Where Avengers: Endgame was the result of a decade of carefully curated MCU crossovers, No Way Home uses a freak multiverse fracture to draw ad hoc from the past twenty years of Sony’s Spider-Man movies, delivering perhaps the ultimate in cinematic fan service for those who grew up during that period. Its strength is the resulting character interaction between characters who would never normally have met, drawing on the parallels and differences between the lives of the various Peter Parkers we have seen. The script uses this for emotional payoff and even to provide some unexpected closure years later. In-jokes abound based on the earlier films and even Internet memes that grew out of them. In all of this, the film can be joyfully playful in a similar way to Into The Spider-verse. No Way Home does place certain expectations on its audience’s knowledge, which leaves it unburdened by the need to explain its position in the MCU or to provide fresh introductions for its rogues’ gallery of villains, whose backstories instead become throwaway gags. The weak link is the action which continues the franchise’s trend for CG-heavy fights and wanton property destruction; even J. Jonah Jameson seems incredulous as he criticises the damage to yet another landmark. The most interesting choreography is a sequence combining Spider-Man’s acrobatics with Doctor Strange’s portals, which shows more creativity in a few minutes than the entire climactic battle.
“DC… the house that Batman built. Yeah, what, Superman? Come at me, bro.”
Arguing The Lego Batman Movie‘s ranking amongst DC movies is amusing, but more interesting is that applying The Lego Movie‘s tongue-in-cheek humour to Batman’s storied past has created DC’s closest big screen competitor to Deadpool. It takes swings equally at DC’s successes (Joker describing his plan as “better than the two boats”) and its failures (“What am I gonna do? Get a bunch of criminals together to fight the criminals? That’s a stupid idea.”), as well as highlighting the sociological flaws in supporting a billionaire vigilante. Will Arnett returns to voice Batman largely as a gruff and self-involved caricature. Though we see some loneliness and self-doubt beneath the cowl, it’s not written to be as nuanced as Arnett’s voice acting in the sublime Bojack Horseman. The Joker unsurprisingly takes a central role but the film takes full advantage of Batman’s extensive list of villains, as well as co-opting a few from other franchises with Lego deals. Director Chris McKay was the animation supervisor on The Lego Movie allowing for a seamless transition in visual identity with bright colours and showers of bricks as well as some impressively atmospheric lighting. The (constr)action, however, is far less creative which leads to a disappointingly forgettable third act that will cause fatigue as most adult viewers zone out.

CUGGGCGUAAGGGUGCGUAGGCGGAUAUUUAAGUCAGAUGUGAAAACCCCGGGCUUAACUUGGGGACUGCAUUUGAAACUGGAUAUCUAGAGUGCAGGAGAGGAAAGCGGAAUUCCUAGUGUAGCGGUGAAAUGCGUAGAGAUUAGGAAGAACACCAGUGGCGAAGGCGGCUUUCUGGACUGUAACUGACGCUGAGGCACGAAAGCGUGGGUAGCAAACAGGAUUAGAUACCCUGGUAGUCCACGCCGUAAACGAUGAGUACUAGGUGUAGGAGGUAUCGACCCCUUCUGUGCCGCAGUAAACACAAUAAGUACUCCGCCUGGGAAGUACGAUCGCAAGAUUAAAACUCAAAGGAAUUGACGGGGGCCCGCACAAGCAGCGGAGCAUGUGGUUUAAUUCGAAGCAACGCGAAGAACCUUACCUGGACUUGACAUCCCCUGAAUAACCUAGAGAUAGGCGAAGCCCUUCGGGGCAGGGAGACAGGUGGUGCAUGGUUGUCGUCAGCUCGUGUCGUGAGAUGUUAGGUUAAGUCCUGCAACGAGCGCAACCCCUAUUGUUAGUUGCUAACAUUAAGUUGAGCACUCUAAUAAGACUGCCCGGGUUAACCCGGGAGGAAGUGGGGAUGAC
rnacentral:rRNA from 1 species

“I think Nick Fury just hijacked our summer vacation.”
With Avengers: Endgame the obvious culmination of Marvel’s epic decade-spanning story arc, it seemed a little odd that Phase 3 would actually conclude with a Spider-Man film, but it actually makes a lot of sense to address the aftermath of those momentous events in a smaller interstitial that shows life in the MCU goes on. The breezy globe-trotting harkens back to the lighter entertainment of the early MCU, at its strongest in the more personal stories of Peter’s pursuit of MJ and his struggle with the loss of his mentor. This is not to detract from Jake Gyllenhaal’s wonderfully charismatic Mysterio, who makes it believable that Peter would latch onto him as a surrogate for Stark. The early fights benefit from a smaller scale, particularly in Venice where we stick with Spider-man as he works damage control while a battle rages between Mysterio and an elemental in the background; by the time we reach London, the drone-filled conclusion is CGI bombast over careful choreography. All of which goes to show that there is plenty of space for purely entertaining outings with characters old and new in the MCU. From where its future depth will come remains to be seen.
“It’s a lot easier to be brave when you’ve got lives to spare. It’s a lot harder when you only have one life.”
Dr Smolder Bravestone
When Jumanji was first announced, I expected a lazy nostalgia cash-in. It was a pleasant surprise to find a thoughtful and fresh take on the jungle adventure. Although boardgames are now in vogue once more, a shrewd move is for the original movie’s cursed game to transforms itself into a 90s console cartridge before being discovered in the present day by four schoolkids in detention. The use of outdated 90s videogame tropes as characters, inhabited by the minds of these children, allows for smartly written conflict and self-discovery. The highlight is undoubtedly Jack Black’s performance as a phone-obsessed teenage girl, whilst Dwayne Johnson ably undercuts his own typical charismatic presence with a believable lack of self-confidence. Meanwhile, intentionally clunky 90s videogame exposition and level structure keeps the pace swift in this fun comedy-adventure.